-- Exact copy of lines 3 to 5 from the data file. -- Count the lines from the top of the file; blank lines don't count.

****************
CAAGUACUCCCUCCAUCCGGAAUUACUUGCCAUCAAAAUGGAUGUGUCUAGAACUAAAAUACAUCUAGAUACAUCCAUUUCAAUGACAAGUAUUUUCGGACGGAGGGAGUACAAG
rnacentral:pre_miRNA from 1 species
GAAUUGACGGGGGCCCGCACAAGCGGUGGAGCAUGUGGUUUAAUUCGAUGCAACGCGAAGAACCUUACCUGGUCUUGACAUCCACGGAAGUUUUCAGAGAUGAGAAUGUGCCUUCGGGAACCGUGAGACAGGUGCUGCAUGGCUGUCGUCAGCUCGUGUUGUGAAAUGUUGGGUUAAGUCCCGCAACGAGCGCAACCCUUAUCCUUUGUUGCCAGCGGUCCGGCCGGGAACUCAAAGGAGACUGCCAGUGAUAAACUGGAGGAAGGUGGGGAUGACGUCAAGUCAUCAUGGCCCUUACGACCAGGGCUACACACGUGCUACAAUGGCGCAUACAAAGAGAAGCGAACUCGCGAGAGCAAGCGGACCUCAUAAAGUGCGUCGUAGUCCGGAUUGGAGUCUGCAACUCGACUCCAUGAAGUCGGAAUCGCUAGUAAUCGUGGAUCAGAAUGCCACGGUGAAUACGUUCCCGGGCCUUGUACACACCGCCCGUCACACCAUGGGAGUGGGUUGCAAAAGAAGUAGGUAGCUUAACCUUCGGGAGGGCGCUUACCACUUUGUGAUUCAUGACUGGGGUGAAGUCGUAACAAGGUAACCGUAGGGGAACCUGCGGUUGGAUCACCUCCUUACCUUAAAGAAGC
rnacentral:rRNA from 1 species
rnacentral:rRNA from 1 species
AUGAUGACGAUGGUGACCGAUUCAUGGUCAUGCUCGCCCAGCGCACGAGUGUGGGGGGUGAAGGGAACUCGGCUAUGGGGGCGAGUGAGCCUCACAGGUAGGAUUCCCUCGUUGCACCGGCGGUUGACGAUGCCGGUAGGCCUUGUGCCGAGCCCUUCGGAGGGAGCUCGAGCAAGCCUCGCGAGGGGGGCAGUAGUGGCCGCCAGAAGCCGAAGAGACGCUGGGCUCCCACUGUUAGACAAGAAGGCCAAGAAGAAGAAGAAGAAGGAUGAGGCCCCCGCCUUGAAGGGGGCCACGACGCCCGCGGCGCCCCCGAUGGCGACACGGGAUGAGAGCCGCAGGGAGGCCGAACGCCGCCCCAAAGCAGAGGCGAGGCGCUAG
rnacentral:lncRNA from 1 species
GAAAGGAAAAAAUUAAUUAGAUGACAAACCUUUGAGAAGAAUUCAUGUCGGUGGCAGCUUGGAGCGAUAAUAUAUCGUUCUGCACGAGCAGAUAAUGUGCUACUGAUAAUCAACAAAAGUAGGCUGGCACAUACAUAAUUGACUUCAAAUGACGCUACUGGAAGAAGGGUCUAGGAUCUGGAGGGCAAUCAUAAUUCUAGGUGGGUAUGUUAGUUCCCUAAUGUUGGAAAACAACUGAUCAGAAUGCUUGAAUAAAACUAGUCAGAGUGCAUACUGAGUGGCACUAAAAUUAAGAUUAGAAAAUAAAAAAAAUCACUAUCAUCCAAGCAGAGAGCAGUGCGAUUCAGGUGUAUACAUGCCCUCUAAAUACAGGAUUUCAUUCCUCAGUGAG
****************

GAAUUGACGGGGGCCCGCACAAGCGGUGGAGCAUGUGGUUUAAUUCGAUGCAACGCGAAGAACCUUACCUGGUCUUGACAUCCACGGAAGUUUUCAGAGAUGAGAAUGUGCCUUCGGGAACCGUGAGACAGGUGCUGCAUGGCUGUCGUCAGCUCGUGUUGUGAAAUGUUGGGUUAAGUCCCGCAACGAGCGCAACCCUUAUCCUUUGUUGCCAGCGGUCCGGCCGGGAACUCAAAGGAGACUGCCAGUGAUAAACUGGAGGAAGGUGGGGAUGACGUCAAGUCAUCAUGGCCCUUACGACCAGGGCUACACACGUGCUACAAUGGCGCAUACAAAGAGAAGCGAACUCGCGAGAGCAAGCGGACCUCAUAAAGUGCGUCGUAGUCCGGAUUGGAGUCUGCAACUCGACUCCAUGAAGUCGGAAUCGCUAGUAAUCGUGGAUCAGAAUGCCACGGUGAAUACGUUCCCGGGCCUUGUACACACCGCCCGUCACACCAUGGGAGUGGGUUGCAAAAGAAGUAGGUAGCUUAACCUUCGGGAGGGCGCUUACCACUUUGUGAUUCAUGACUGGGGUGAAGUCGUAACAAGGUAACCGUAGGGGAACCUGCGGUUGGAUCACCUCCUUACCUUAAAGAAGC
rnacentral:rRNA from 1 species
rnacentral:rRNA from 1 species